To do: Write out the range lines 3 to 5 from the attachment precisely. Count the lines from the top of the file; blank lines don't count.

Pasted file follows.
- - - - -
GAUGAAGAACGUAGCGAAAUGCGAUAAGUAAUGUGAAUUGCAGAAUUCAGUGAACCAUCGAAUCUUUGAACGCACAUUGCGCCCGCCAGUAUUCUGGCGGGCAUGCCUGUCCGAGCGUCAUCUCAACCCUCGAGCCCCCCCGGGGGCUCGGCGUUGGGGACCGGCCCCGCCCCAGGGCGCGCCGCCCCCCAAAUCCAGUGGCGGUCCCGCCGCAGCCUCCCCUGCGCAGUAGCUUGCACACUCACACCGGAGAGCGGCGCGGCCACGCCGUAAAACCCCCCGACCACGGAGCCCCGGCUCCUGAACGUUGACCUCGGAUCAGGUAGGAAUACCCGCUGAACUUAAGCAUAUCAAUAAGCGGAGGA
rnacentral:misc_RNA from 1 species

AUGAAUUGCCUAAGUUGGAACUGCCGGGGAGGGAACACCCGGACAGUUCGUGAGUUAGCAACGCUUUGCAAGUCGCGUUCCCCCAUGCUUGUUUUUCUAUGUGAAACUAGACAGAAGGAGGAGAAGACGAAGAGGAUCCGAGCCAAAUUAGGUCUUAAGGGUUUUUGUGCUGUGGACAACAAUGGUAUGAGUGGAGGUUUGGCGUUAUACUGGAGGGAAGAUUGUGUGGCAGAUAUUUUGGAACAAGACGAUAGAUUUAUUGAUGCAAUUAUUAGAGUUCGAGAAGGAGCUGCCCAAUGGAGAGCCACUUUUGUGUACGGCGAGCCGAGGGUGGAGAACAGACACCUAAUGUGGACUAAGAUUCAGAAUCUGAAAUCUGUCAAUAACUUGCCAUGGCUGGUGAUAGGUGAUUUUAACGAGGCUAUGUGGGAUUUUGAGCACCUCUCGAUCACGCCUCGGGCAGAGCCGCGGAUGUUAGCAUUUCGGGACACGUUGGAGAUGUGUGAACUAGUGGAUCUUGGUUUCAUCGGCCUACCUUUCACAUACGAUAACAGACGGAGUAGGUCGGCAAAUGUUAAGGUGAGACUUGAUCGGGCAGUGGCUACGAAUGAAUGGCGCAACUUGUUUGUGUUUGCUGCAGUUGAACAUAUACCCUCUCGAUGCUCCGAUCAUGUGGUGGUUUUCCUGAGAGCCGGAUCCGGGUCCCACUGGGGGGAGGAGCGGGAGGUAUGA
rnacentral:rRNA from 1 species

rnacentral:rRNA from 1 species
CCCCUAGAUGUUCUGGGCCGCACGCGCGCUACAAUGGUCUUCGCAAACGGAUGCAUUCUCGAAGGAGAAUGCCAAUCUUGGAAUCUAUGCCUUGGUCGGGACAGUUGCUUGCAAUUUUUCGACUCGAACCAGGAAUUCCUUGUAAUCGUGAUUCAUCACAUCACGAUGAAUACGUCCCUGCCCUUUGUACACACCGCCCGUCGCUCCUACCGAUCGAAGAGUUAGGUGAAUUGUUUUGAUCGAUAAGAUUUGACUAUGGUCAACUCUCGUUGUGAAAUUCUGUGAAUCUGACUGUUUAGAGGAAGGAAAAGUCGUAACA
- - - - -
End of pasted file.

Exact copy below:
AUGAAUUGCCUAAGUUGGAACUGCCGGGGAGGGAACACCCGGACAGUUCGUGAGUUAGCAACGCUUUGCAAGUCGCGUUCCCCCAUGCUUGUUUUUCUAUGUGAAACUAGACAGAAGGAGGAGAAGACGAAGAGGAUCCGAGCCAAAUUAGGUCUUAAGGGUUUUUGUGCUGUGGACAACAAUGGUAUGAGUGGAGGUUUGGCGUUAUACUGGAGGGAAGAUUGUGUGGCAGAUAUUUUGGAACAAGACGAUAGAUUUAUUGAUGCAAUUAUUAGAGUUCGAGAAGGAGCUGCCCAAUGGAGAGCCACUUUUGUGUACGGCGAGCCGAGGGUGGAGAACAGACACCUAAUGUGGACUAAGAUUCAGAAUCUGAAAUCUGUCAAUAACUUGCCAUGGCUGGUGAUAGGUGAUUUUAACGAGGCUAUGUGGGAUUUUGAGCACCUCUCGAUCACGCCUCGGGCAGAGCCGCGGAUGUUAGCAUUUCGGGACACGUUGGAGAUGUGUGAACUAGUGGAUCUUGGUUUCAUCGGCCUACCUUUCACAUACGAUAACAGACGGAGUAGGUCGGCAAAUGUUAAGGUGAGACUUGAUCGGGCAGUGGCUACGAAUGAAUGGCGCAACUUGUUUGUGUUUGCUGCAGUUGAACAUAUACCCUCUCGAUGCUCCGAUCAUGUGGUGGUUUUCCUGAGAGCCGGAUCCGGGUCCCACUGGGGGGAGGAGCGGGAGGUAUGA
rnacentral:rRNA from 1 species

rnacentral:rRNA from 1 species